Georg von Frundsberg was born on 24 September 1473, in the castle Mindelheim near Memmingen, into an old line of southern Tyrolean knights that had settled in Oberschwaben.
In 1492, at the age of nineteen, Frundsberg actively participated in his first conflict. In the best interests of the Reich, Frundsberg fought to suppress regional egotism that forced Duke Albrecht of Bavaria to relinquish the city of Regensburg.
In 1504, Frundsberg was again fighting on behalf of the Reich against the Pfalz-Counts Philipp and Ruprecht. He distinguished himself during the Battle of Regensburg to such a degree that shortly thereafter, King Maximilian I, personally bestowed him with knighthood.
One year later Frundsberg became the commander of the Landsknechts (mercenaries) in the lower countries. Subsequently, his life was an uninterrupted chain of war campaigning for the King and Reich. In 1509, Frundsberg became the "Highest Field Captain" of the Landsknecht Regiment (occupation force) and defended the city of Verona against numerous attacks.
In 1513, during the fighting against the Republic of Venice, Frundsberg's calm and collected demeanor carried his forces to victory during the Battle of Vicenz, despite the enemy's numerical superiority that had encircled the Reich's Army.
In 1521, when the German King Karl V was fighting Franz I of France, Frundsberg was among those who led the Army into Picardie. When Franz I appeared on the battlefield and pitted a force of approximately 40,000 men against the King's Army, only the clever withdrawal could save the Army's existence. Frundsberg considered the withdrawal on Valenciennes as "the greatest luck and most appropriate measure during war."
By 1522, even after the French campaign had ended and Frundsberg had resigned from his fellow Landesknechts, Frundsberg was at the front again, among 12 Fähnlein, leading the march on upper Italy. Within a short period, 6000 men followed the beat of his campaign drum and the magic in his name. Difficult alpine crossings through deep snow led to the Battle of Biccocca near Mailand. Swiss nationals on foot fought along side Frundsberg who led and fought at the front line, together with the Swiss Arnold Winkelried. The Kaiser's victory at Biccocca allowed for the return of the old Kingdom's Parlimentary-Cabinet Lands (Reichskammerländer) of Genua and Mailand.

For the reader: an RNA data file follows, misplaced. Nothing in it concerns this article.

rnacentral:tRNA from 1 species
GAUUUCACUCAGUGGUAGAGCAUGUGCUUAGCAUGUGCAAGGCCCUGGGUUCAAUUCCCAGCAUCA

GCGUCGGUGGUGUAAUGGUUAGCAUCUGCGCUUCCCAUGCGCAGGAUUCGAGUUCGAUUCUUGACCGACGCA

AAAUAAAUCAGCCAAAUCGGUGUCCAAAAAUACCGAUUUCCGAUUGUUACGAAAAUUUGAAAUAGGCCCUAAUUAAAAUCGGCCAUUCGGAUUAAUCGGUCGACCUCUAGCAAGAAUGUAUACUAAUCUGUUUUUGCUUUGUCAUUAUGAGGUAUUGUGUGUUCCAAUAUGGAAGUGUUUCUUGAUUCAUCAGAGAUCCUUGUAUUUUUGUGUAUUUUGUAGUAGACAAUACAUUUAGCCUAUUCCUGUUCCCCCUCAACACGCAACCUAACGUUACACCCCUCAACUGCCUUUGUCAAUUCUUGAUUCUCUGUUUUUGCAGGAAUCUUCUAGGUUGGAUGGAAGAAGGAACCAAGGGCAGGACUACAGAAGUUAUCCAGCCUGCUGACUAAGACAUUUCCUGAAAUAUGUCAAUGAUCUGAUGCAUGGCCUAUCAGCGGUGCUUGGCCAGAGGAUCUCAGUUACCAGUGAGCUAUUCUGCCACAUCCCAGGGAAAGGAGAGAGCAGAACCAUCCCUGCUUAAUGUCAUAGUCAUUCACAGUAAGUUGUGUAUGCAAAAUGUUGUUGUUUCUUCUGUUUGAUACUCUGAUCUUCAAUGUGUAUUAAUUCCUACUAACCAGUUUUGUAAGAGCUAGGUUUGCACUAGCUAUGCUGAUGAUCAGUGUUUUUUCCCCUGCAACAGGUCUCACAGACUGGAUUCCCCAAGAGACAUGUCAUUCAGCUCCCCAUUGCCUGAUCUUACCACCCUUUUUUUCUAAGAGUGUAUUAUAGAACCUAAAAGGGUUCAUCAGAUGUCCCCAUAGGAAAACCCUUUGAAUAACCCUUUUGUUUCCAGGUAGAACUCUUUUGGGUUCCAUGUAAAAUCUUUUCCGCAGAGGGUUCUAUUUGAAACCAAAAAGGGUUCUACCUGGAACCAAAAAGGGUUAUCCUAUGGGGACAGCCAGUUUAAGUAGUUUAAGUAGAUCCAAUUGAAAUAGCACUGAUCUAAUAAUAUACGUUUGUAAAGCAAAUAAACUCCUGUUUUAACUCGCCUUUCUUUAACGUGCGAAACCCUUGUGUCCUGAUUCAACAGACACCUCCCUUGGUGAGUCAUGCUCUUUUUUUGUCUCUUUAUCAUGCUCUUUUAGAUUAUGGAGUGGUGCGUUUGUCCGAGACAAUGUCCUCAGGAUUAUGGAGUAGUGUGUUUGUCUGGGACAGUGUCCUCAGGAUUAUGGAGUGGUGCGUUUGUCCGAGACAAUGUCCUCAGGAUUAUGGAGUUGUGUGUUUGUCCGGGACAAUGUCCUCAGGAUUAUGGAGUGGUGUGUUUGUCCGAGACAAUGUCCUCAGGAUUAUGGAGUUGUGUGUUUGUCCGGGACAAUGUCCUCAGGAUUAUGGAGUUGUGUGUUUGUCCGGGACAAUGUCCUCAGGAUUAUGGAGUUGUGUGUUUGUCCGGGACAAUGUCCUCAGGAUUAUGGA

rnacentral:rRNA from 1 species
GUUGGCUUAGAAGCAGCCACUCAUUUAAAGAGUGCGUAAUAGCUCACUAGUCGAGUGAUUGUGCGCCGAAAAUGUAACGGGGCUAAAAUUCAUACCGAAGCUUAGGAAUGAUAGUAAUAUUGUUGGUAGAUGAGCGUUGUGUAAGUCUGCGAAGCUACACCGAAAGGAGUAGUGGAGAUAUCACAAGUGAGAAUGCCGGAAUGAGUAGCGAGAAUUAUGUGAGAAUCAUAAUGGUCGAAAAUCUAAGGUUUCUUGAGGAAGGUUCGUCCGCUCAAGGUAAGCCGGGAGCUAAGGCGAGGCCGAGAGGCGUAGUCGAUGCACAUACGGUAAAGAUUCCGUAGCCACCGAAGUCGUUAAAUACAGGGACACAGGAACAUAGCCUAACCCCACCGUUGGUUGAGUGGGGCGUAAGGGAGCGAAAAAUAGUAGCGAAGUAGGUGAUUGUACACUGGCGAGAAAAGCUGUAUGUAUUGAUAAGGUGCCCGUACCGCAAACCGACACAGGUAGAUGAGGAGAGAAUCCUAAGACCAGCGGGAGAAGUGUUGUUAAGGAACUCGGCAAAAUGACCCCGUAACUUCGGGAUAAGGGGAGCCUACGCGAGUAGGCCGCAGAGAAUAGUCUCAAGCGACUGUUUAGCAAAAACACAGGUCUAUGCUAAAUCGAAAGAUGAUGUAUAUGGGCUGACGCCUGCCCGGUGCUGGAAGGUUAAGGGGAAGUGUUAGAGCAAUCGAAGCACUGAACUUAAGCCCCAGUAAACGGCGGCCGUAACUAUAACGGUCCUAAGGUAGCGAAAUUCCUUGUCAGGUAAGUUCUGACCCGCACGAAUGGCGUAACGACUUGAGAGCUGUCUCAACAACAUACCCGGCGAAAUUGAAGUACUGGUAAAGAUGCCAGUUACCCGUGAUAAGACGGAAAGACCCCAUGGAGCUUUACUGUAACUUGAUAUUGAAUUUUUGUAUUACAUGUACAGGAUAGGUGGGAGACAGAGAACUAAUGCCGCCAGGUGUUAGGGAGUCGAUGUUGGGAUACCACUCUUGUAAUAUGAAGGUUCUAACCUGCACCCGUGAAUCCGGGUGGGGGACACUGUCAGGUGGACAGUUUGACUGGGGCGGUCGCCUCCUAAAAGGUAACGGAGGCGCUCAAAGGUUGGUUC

In 1525, after a brief stop in Mindelheim as the "Highest Field Captain" (Oberster Feldhauptmann) of the entire German Nation on foot (consisting of 12,000 men and 29 Fähnlein), Frundsberg was again moving towards upper Italy to relieve Pavias and to save the Reich's Duchy of Mailand. Despite an additional 6000 men (some of which were Spanish) that were in battle against an enemy that was twice as strong, Frundsberg won his most famous victory at Pavia and crowned for the capture of the French King.
Only one year later, in 1526, Frundsberg received a call for help from the Kaiser's Army in Lombardei, to help decide the teetering war. Thirty-six thousand Taler (German currency) were provided to organize the new Fähnlein but they did not suffice. During his occupation of Mindelheim he borrowed money in Augsburg, sold-off his silver table-settings and his wife's jewelry in order to acquire the needed 38,000 Gulden to raise the Army. In less than 3 weeks, Frundsberg organized over 12,000 men (35 Fähnlein) and crossed the Alps in the middle of November.
In 1527, after months of campaigning
with his Army in Italy and as the decisive battle had yet to be fought (a combined
effort of various commanders), payment for Frundsberg's Landsknechts remained
overdue. In the end, even Frundsberg was not in a position to rally the Landsknechts
and restore order. The situation of his "beloved sons" physically shook the
old field commander to such an extent that he suffered a stroke and did not
regain his speech until 4 days later. The physical strength of the strongest
warlord could not be recovered as Frundsberg was moved to Germany after a long
struggle in Italian hospitals. Frundsberg was tormented by great anxiety that
he experienced over the situation of the Reich and the loss of his personal
estate. Following his return to Germany and the death of one of his sons, Frundsberg
died soon thereafter on 20 August 1528, in his castle in Mindelheim.
Copyright 2003 Stenger Historica